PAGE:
Easy DC?

Well, six months after the fact, I believe I may have located the source of the pretty disastrous issues I had at the last Pi Wars. I actually managed to complete just three of the seven events so it was all a bit heartbreaking tbh.

I had severe issues using a PS3 controller and I fully believed that to be the issue and therefore have looked at moving away from this to another controller type for next time round. The Rock Candy PS3 controllers come highly recommended by Brian Corteil (aka @CannonFodder) who has used them to great effect, in fact winning – twice!

So, you may have seen FRED-209, my new Pi powered Nerf Tank. This uses same ZeroBorg motor controller and I had it linked to an original PS3 controller. I’ve tested extensively in the week and then this Saturday I took it to Cotswold Jam and bam… the controller fails. Niet… Zip… Diddly. Can’t get it to connect, then if it does it drops after a few seconds.

This is *identical* to the behaviour X-Bot exhibited at Pi Wars. So much discussion ensues as to the cause. I know of several other folks who also had issues with these controllers last time round. However, Brian C. lent me a Rock Candy one to test and this also showed exact same behaviour. The RC ones are 2.4ghz and the PS3 ones are Bluetooth so still wasn’t sure if it was radio interference of some kind. Another good guess was noisy DC motors causing problems.

But… I think we have a winner. This DC-DC converter board is a damn liar…

dcdc1

I recently recommended this type of thing having seen similar at Pi Wars last time. I now conclusively retract that recommendation! I used a similar board last time , without a read out, and I believe this suffers from the same issue.

Note the difference in alleged and actual voltage….

dcdc2

This difference is not enough to shut the Pi down, but it is enough to mean power hungry peripherals, say a bluetooth dongle for example, are just enough to make the power dip enough that the USB experiences issues and that kills the controller.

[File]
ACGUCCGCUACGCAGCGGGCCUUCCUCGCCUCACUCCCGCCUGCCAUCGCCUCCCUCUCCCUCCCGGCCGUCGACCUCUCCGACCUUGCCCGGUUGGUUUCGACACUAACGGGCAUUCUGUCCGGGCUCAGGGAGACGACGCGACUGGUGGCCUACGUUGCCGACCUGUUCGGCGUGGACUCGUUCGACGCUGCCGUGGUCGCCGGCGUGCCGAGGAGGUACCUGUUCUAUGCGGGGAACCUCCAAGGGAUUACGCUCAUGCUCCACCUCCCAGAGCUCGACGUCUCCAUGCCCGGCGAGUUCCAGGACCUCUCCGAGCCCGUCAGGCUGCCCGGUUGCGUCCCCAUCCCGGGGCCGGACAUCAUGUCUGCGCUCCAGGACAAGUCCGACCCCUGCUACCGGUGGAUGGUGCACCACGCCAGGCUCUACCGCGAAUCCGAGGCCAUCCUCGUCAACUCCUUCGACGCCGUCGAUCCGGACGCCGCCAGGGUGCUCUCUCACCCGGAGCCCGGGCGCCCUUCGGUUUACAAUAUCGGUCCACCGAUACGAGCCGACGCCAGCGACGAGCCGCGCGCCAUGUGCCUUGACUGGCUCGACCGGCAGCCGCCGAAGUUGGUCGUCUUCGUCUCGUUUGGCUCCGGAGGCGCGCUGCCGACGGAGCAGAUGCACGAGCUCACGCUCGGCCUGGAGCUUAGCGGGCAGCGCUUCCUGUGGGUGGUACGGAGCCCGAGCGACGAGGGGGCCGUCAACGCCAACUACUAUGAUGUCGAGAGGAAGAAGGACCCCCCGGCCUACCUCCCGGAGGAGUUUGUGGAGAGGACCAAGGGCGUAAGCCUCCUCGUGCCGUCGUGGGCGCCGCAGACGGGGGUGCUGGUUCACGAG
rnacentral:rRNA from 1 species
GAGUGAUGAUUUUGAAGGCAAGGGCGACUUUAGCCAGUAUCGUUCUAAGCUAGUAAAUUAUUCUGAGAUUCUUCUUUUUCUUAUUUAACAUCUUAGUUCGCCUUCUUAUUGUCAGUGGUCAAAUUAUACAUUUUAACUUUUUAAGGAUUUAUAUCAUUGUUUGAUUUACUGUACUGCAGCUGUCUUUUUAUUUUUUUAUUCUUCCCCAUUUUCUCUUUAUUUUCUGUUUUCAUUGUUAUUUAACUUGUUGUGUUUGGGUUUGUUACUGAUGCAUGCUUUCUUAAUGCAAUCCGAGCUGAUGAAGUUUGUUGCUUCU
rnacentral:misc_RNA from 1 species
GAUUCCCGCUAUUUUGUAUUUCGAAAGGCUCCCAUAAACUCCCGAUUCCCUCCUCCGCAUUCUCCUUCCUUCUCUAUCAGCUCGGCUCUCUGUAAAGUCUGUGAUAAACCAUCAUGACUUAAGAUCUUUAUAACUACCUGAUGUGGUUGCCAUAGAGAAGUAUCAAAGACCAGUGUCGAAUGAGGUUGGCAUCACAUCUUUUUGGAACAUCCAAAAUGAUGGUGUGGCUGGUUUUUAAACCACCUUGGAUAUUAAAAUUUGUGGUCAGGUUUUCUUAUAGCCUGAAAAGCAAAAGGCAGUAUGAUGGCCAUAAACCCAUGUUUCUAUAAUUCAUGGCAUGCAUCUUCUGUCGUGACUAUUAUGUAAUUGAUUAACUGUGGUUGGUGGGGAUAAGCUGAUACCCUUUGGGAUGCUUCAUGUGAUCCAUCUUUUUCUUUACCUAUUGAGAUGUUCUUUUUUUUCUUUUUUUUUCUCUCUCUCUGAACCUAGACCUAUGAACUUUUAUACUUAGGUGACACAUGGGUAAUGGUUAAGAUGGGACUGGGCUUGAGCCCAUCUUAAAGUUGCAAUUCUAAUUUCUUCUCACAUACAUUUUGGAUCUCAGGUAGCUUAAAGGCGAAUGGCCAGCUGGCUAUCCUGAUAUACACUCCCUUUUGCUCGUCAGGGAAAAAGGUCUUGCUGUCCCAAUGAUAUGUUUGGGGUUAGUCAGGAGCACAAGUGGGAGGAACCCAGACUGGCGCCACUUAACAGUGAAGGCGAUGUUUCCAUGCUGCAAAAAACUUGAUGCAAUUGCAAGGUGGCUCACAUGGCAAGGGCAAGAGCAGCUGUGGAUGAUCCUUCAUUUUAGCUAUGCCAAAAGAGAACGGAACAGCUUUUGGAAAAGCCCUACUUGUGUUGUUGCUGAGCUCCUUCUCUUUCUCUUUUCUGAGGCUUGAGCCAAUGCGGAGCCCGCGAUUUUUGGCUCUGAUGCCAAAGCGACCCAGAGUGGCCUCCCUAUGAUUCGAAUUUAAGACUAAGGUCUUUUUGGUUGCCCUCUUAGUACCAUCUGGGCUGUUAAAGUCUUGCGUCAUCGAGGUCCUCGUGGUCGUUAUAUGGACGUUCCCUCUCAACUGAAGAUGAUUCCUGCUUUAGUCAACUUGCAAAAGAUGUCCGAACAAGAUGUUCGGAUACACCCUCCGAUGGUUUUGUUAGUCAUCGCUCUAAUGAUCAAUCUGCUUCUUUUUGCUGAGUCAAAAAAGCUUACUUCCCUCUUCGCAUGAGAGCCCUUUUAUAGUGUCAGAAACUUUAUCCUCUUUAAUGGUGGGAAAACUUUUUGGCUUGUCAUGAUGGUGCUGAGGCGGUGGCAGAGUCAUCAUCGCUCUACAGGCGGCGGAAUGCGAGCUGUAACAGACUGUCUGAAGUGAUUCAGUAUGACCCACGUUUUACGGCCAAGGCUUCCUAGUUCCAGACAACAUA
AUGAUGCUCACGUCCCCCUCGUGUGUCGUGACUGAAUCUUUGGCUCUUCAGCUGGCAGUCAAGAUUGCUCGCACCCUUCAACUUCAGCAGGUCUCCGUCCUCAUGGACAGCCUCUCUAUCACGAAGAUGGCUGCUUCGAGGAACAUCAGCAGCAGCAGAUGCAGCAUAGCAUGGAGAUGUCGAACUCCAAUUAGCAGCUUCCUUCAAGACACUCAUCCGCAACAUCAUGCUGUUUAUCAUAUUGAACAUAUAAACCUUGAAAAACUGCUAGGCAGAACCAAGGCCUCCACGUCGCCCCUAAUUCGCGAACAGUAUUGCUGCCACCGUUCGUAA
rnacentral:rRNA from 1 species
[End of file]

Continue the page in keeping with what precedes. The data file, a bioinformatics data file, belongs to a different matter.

If this were the only problem then simply setting it higher to start off with would solve the problem. We did crank it up to 5.18v on the multimeter which may be getting a little hot for the Pi, but it then ran flawlessly for the rest of the day at Cotswold Jam with loads of people giving FRED-209 a good hammering.

I do though believe there is good reason to suspect that the setting on the board drifts over time. Whether this is vibration from the pot moving the micro screw that you use to set the output voltage or something else, it does seem to change. This is regardless of the state of the batteries being used.

So, I am now hunting for a DC-DC board that sticks out a guaranteed 5v that can be relied one. Core Robotics have one in the pipeline but it’s not available yet. I’d be interested to hear from other teams who used these or similar boards or PS3 controllers last time and also experienced issues.

T

Until next time….

3 thoughts on “Easy DC?

  1. I had similar problems with a potentiometer-controlled DC-DC power convertor for my Pololu Zuma; believe me it is not vibration/travel which is the cause of the problem, it’s the pot just generally being pants and not keeping its position. My multimeter showed it varied from 5v to 4.3v within the space of a few hours – the longer I left it, the further it drifted. I switched to a single-purpose (1-6v)->5v board with no pot (it only outputs 5v) and haven’t had any problems since. http://www.ebay.co.uk/itm/272238498671

  2. I was another one with this problem (right in the middle of pi noon!). I wish I could be convinced that this was the issue, but I’m not… or maybe partly. I have a nagging suspicion that the problem arose because of the sheer number of BT devices around… like you, this would always work fine at home, but “out in the wild” would have these failures. It might be due to fluctuations in the output, but we had a different voltage converter (OKI-78SR-5 switching voltage regulator), so I would worry that they all suffer from the same problems.

    1. I too was suspicious as I’d had a couple of dropouts whilst testing but it was again at a ‘public’ event where the problems seemed to get much worse. However, there were a multitude of other BT devices running at the jam – Brian with 2 or 3 bots and at least 5 or 6 other micro pi-noon all running on BT. Additionally, the fact that I had identical probs with a 2.4ghz wireless (non BT controller) I found exceedingly suspicious. Once I’d tweaked the power board settings however, the bot ran flawlessly all day on Saturday. It’s been suggested to me that any of the DC-DC converters with a variable output may well suffer from same problems. Am currently looking at a couple of ones that came recommended that have solid 5v output – these are apparently far superior.

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